KEEPING CHICKENS FOR EGG PRODUCTION

All chicken hens lay eggs, but some will lay more than others. A good laying hen should give you 280+ eggs per year. The Single Comb White Leghorn (SCWL) is the breed used commercially. These hens, however, tend to be nervous and flighty so are not well suited for a cage-free or free-range system. there are a number of alternative breeds that can be used for egg production in alternative production systems as well as backyard poultry flocks. Refer to the selection on chicken breed selection for more information.

GENERAL INFORMATION

The small laying flock (University of Minnesota)

Small-scale egg production (organic and non-organic) (Penn State University)

PULLET MANAGEMENT

The level of egg production of a flock is dramatically affected by how the pullets were reared. It is not always possible to get read-to-lay pullets. This means you will need to raise your own pullets from chicks.

Rearing chicks and pullets for the small laying flock (University of Minnesota)

LIGHTING PROGRAMS

An important aspect of pullet development is the lighting program. The reproductive system of chickens, as with all birds, is responsive to the number of hours of light in a day. Increasing day length (i.e., more hours of light per day as happens in the spring) stimulates them to come into production. This includes both males and females. Conversely, decreasing day length (i.e., less hours of light per day, as happens in the fall) typically results in them going out of production. To allow for year round egg production, it is important to use a lighting program to maintain egg production when natural day length is decreasing.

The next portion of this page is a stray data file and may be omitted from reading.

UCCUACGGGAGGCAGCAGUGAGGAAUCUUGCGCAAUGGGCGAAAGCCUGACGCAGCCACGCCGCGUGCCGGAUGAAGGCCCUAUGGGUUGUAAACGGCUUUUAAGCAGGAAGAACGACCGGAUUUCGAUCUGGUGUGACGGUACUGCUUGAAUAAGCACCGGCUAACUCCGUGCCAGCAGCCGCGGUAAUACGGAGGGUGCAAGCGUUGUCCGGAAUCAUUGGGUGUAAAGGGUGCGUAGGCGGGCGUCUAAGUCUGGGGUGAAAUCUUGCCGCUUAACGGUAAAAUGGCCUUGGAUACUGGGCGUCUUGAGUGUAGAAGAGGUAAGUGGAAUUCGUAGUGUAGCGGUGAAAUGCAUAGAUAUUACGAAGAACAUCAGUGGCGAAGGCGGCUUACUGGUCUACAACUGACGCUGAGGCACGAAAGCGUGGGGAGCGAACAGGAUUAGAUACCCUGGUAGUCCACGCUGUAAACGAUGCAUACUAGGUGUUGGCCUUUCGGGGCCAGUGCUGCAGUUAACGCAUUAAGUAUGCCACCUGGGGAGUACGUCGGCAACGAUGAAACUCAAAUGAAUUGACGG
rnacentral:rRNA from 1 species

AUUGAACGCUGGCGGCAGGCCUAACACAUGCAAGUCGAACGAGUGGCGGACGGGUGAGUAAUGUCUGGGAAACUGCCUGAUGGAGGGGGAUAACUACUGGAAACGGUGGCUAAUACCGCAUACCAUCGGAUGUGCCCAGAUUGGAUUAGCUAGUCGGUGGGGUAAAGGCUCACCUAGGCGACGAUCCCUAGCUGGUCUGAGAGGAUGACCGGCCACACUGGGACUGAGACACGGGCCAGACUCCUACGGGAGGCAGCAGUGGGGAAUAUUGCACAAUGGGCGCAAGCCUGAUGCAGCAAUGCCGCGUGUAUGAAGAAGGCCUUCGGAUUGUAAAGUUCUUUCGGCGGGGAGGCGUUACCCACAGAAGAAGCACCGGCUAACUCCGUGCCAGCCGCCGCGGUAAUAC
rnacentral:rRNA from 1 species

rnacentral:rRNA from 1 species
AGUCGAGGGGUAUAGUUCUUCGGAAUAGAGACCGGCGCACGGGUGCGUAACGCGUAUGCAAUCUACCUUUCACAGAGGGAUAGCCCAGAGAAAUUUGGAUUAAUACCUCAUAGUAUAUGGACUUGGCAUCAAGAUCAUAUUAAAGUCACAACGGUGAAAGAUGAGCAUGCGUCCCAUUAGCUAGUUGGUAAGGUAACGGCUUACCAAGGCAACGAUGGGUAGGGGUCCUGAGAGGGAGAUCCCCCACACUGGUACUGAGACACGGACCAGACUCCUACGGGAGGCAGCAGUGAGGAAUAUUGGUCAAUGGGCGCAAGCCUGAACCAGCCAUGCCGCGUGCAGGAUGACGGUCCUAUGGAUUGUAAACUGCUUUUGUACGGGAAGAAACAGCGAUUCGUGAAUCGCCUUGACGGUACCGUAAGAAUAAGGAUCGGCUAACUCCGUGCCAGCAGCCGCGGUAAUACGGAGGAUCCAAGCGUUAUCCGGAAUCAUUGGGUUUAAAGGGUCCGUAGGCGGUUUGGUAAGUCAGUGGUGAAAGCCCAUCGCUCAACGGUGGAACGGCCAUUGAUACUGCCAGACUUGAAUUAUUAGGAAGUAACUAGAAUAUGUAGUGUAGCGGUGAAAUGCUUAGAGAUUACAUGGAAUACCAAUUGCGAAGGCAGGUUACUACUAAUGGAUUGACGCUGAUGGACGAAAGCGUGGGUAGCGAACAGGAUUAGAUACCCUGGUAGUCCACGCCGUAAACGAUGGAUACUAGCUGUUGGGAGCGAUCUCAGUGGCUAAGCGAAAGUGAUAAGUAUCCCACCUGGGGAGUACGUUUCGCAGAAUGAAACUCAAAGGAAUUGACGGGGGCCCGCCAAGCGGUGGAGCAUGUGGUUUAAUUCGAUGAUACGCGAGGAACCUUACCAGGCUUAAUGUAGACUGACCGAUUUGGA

Lighting for small flocks (University of Maine)

Proper light management for your home laying flock (University of Nebraska)

Lighting programs for backyard egg production (University of Georgia)

Lighting programs for replacement pullets (University of California)

Lighting programs for table egg layers (University of California)

LAYER MANAGEMENT

The age at which pullets come into lay depends on the breed and the rearing environment, but is typically around 20 weeks of age. At this time the calcium requirement of the chickens increases dramatically so proper nutrition is very important.

Management requirements for laying flocks (Virginia Tech)

Producing your own eggs (University of New Hampshire)

Evaluating egg laying hens (University of Kentucky)

Egg eating by chickens in small and backyard poultry flocks (eXtension)

TROUBLE SHOOTING

It should be possible to keep your laying flock for 12-14 months. If they stop laying you may need to trouble shoot to find out what the problem is. Disease should be considered, but it is typically not the main reason that hens stop laying eggs.

Why have my hens stopped laying? (University of Kentucky)

Molting and other causes of feather loss in small poultry flocks (Kansas State University)

Factors affecting egg production in backyard chicken flocks (University of Florida)

Not all chickens in a flock will be good egg layers. You may need to sort your flock and cull any hens that are not laying.

Evaluating egg-laying hens (University of Kentucky)

Culling hens (Mississippi State University)

EGG QUALITY

Whether you are producing eggs for home consumption or for sale, you want to produce a good quality egg with a clean, strong shell.

Concepts of eggshell quality (University of Florida)

Factors affecting egg quality (Kansas State University)

Egg cleaning procedures for the backyard flock (University of Nebraska)